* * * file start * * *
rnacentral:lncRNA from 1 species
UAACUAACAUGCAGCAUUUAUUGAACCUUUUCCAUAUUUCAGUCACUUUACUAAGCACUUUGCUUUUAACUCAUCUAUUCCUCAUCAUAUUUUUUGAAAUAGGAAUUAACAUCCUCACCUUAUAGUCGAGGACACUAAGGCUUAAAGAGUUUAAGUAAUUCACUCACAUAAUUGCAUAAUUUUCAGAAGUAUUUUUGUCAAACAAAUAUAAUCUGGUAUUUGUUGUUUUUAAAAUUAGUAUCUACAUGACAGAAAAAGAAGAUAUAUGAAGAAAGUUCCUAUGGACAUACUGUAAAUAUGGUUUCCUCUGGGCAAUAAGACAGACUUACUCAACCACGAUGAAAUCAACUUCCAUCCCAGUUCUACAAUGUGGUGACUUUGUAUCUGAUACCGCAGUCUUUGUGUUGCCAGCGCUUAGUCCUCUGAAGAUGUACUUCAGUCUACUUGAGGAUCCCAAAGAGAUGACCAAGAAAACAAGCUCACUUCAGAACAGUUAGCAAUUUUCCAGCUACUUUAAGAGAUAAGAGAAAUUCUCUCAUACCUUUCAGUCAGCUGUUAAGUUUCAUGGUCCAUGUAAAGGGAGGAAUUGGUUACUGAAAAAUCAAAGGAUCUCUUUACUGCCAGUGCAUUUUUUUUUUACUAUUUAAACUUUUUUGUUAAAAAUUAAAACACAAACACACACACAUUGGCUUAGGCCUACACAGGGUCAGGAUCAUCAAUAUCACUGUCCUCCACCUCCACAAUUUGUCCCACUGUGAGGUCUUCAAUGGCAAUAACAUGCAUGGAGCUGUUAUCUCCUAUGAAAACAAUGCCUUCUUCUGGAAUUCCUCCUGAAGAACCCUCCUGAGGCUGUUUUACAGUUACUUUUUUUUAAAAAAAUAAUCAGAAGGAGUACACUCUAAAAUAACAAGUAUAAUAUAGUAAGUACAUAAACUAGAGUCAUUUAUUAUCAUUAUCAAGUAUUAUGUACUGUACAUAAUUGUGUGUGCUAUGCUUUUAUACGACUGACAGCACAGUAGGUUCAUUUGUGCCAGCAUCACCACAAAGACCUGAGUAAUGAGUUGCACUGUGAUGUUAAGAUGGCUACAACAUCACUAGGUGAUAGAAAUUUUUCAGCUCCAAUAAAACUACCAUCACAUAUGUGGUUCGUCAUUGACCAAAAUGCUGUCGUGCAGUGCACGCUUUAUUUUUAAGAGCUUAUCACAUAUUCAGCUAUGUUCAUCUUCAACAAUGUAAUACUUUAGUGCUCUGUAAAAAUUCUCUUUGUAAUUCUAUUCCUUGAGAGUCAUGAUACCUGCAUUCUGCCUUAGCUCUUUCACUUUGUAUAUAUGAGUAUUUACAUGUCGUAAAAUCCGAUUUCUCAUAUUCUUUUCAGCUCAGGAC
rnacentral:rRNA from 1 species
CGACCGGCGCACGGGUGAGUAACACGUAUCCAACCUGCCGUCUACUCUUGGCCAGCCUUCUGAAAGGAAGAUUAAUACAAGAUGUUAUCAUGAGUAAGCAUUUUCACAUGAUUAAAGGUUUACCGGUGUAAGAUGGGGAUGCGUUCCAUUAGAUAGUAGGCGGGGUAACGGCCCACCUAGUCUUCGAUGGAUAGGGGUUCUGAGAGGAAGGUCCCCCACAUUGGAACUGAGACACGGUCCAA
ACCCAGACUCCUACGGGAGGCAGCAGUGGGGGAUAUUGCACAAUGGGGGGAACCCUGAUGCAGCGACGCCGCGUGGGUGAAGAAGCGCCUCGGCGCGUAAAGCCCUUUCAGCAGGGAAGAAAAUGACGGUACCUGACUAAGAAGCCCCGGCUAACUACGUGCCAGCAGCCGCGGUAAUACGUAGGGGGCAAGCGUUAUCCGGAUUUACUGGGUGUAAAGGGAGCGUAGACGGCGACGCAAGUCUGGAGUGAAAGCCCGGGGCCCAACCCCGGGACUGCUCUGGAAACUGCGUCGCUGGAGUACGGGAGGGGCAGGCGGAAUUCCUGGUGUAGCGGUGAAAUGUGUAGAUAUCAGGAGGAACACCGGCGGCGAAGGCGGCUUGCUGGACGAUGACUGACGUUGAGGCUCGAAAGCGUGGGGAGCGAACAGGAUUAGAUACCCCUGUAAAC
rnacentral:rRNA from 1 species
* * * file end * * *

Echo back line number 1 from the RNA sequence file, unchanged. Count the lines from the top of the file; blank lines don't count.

rnacentral:lncRNA from 1 species